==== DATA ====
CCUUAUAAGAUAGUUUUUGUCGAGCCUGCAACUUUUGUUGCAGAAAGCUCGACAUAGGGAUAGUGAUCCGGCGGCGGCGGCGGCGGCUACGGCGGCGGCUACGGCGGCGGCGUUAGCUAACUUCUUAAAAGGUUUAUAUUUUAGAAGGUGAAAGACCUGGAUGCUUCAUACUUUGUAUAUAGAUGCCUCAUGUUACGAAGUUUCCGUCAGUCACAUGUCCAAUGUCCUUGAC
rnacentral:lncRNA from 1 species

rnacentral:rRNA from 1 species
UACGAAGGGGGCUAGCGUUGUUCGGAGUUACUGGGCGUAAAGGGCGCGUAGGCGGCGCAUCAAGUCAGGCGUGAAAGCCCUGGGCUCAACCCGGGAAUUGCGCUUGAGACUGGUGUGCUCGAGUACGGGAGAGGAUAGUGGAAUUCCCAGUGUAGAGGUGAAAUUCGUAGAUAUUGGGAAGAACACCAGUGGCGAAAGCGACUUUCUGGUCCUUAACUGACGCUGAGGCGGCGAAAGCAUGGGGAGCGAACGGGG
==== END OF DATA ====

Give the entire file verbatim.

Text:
CCUUAUAAGAUAGUUUUUGUCGAGCCUGCAACUUUUGUUGCAGAAAGCUCGACAUAGGGAUAGUGAUCCGGCGGCGGCGGCGGCGGCUACGGCGGCGGCUACGGCGGCGGCGUUAGCUAACUUCUUAAAAGGUUUAUAUUUUAGAAGGUGAAAGACCUGGAUGCUUCAUACUUUGUAUAUAGAUGCCUCAUGUUACGAAGUUUCCGUCAGUCACAUGUCCAAUGUCCUUGAC
rnacentral:lncRNA from 1 species

rnacentral:rRNA from 1 species
UACGAAGGGGGCUAGCGUUGUUCGGAGUUACUGGGCGUAAAGGGCGCGUAGGCGGCGCAUCAAGUCAGGCGUGAAAGCCCUGGGCUCAACCCGGGAAUUGCGCUUGAGACUGGUGUGCUCGAGUACGGGAGAGGAUAGUGGAAUUCCCAGUGUAGAGGUGAAAUUCGUAGAUAUUGGGAAGAACACCAGUGGCGAAAGCGACUUUCUGGUCCUUAACUGACGCUGAGGCGGCGAAAGCAUGGGGAGCGAACGGGG